The slide presentations are available at the bottom of this page.
Creating the next Silicon Valley calls for economic development policies aimed at fostering entrepreneurially driven growth. A policy guide released by the Ewing Marion Kauffman Foundation provides a roadmap for how regional economies can grow by forming and growing new firms rather than chasing after existing ones.
History suggests that the policy of "smokestack chasing" is a zero sum game, and economic development officials have since turned their focus toward replicating the economic benefits of entrepreneurship business clusters, such as California's Silicon Valley, North Carolina's Research Triangle and Massachusetts's Route 128 corridor.
While the effectiveness of any single policy approach to creating a business cluster is relatively modest, the strongest consensus supports streamlining local regulatory approvals and discouraging progressive taxation at the state and local levels.
Policies such as investing in local schools, limiting the enforcement of non-compete clauses in business contracts, and developing citywide Wi-Fi centers are among the programs economic development officials should consider when seeking to create high-tech entrepreneurship business clusters. City officials also should consider quality-of-life policies, like congestion pricing, that can make their areas more attractive to potential entrepreneurs.
This event, sponsored by the Government Innovators Network and the Kauffman Foundation, assembled some of the policy guide authors and other experts to discuss areas of government policy that affect entrepreneurial activity.
Ewing Marion Kauffman Foundation - Grant making and operations focused on advancing entrepreneurship and improving the education of children and youth.
- (A policy brief): Kauffman Foundation. (2008). Entrepreneurship and Urban Success: Toward a Policy Consensus.
- FastTrac® - Kauffman's comprehensive entrepreneurship-educational program that provides entrepreneurs with business insights, leadership skills and professional networking connections so they are prepared to create a new business or expand an existing enterprise.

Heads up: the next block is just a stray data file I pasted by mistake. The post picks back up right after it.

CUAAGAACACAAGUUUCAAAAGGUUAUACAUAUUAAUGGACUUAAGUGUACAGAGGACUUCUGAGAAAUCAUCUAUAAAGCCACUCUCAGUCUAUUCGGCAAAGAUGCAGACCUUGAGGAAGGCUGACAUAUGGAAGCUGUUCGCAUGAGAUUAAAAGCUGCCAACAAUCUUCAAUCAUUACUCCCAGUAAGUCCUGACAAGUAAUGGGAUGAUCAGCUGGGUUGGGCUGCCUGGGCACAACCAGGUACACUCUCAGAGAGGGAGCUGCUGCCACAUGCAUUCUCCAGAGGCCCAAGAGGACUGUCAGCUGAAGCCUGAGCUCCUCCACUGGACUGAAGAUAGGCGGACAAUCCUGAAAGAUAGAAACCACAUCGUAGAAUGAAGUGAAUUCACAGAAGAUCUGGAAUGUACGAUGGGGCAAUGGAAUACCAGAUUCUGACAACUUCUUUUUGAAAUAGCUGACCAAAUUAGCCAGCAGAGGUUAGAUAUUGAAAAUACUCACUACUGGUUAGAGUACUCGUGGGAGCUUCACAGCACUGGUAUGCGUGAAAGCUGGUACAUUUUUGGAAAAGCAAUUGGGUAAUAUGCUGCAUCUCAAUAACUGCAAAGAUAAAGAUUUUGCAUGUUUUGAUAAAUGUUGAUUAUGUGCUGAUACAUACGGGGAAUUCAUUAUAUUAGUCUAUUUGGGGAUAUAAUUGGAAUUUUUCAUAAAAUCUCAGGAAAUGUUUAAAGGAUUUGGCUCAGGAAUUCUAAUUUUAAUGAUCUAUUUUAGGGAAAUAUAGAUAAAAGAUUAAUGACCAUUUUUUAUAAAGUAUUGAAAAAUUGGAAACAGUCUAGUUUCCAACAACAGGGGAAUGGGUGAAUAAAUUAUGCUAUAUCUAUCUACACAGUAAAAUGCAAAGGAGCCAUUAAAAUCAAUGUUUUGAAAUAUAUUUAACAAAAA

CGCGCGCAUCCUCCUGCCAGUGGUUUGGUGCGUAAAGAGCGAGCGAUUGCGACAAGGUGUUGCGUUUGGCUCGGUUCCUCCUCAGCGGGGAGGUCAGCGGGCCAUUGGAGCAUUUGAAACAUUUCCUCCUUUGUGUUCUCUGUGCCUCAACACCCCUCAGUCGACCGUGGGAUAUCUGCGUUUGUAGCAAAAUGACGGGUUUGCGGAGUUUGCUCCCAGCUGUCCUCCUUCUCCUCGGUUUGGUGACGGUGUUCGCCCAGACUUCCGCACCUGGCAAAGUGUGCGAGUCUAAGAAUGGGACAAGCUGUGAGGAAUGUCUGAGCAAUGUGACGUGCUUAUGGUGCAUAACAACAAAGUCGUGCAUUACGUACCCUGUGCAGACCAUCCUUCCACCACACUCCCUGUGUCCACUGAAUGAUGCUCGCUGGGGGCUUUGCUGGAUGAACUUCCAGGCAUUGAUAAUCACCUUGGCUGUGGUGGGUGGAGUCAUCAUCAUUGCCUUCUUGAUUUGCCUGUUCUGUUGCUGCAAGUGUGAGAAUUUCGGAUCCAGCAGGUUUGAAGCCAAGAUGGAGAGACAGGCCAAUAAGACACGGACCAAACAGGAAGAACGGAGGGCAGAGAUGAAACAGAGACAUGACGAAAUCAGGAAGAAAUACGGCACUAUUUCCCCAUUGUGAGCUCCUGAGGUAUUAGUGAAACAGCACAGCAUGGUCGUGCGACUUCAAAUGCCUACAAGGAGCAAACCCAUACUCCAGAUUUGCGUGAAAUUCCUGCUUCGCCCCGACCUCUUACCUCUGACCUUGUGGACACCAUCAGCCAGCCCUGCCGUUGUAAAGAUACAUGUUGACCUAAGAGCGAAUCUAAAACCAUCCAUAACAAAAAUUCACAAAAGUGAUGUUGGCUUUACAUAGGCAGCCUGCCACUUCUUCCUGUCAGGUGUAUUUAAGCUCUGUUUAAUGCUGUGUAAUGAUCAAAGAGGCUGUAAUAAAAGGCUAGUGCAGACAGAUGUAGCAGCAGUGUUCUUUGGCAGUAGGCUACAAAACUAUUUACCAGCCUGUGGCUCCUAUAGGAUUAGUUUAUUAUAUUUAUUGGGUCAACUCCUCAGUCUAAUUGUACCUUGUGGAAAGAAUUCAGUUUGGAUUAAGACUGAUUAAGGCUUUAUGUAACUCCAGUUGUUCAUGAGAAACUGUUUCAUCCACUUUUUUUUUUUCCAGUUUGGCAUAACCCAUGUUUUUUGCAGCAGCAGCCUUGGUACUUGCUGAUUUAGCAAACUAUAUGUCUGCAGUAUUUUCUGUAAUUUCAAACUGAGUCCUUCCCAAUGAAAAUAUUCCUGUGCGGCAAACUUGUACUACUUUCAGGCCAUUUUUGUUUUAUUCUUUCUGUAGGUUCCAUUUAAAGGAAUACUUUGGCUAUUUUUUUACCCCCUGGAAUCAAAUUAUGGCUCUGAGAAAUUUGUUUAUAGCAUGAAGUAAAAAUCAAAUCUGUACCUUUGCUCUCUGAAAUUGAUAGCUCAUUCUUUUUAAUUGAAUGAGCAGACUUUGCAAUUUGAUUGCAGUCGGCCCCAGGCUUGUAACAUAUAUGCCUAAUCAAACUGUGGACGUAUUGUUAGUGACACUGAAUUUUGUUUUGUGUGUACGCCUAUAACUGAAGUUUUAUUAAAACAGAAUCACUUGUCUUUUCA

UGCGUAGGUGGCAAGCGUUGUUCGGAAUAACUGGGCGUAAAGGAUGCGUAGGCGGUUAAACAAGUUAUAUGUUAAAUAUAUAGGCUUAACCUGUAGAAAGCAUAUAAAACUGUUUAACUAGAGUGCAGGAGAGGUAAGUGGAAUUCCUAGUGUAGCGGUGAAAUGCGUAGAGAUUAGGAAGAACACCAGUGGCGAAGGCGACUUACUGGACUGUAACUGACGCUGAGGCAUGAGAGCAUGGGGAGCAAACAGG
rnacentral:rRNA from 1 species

- Baumol, William J., Robert E. Litan, and Carl J. Schramm. (2007). Good Capitalism, Bad Capitalism, and the Economics of Growth and Prosperity. Yale University Press.
International Economic Development Council - A non-profit membership organization dedicated to helping economic developers do their job more effectively and raising the profile of the profession.
- IEDC. (2008). Forty Years of Urban Economic Development: A Retrospective. Paper captures and develops lessons garnered from an assembly of urban pioneers, hosted by IEDC in October, 2007 in Phildelphia.
- IEDC. (2007). Innovation Agenda: A Policy Statement on American Competitiveness. Paper summarizes the ideas expressed at the 2007 IEDC Federal Forum.
Also of interest
McGahey, Richard M. and Jennifer S. Vey, eds. (2008). Retooling for Growth: Building a 21st Century Economy in America's Older Industrial Areas. Brookings Institution Press.
Adena Ventures - A rural venture capital program; provides equity capital and operational assistance to high-growth businesses, primarily in Appalachia.
Ohio University Voinovich School of Leadership and Public Affairs
- Appalachian Regional Entrepreneurship Group - works with businesses and entrepreneurs in the 29-county Appalachian Ohio region.
- The Innovation Center - Ohio University's Business Incubator
Metropolitan Policy Program at the Brookings Institution - Provides decision makers with cutting-edge research and policy ideas for improving the health and prosperity of cities and metropolitan areas.
Initiative for a Competitive Inner City - Conducts research that highlights the competitive advantage of inner cities.
Creative Class Group - Richard Florida's website providing resources for emerging leaders to generate greater economic prosperity in their region.
Kotkin, Joel, & Michael A. Shires. (2007). "Boomtowns '07: Riverside, Provo, McAllen, Sarasota... You may be surprised by the places that top our list of the hottest cities for entrepreneurs." Inc. Magazine.
Kotkin, Joel. (2005). "The U.S. Brain Belt: The Next Centers of Our Information Economy May Surprise You." The American Enterprise, June 30.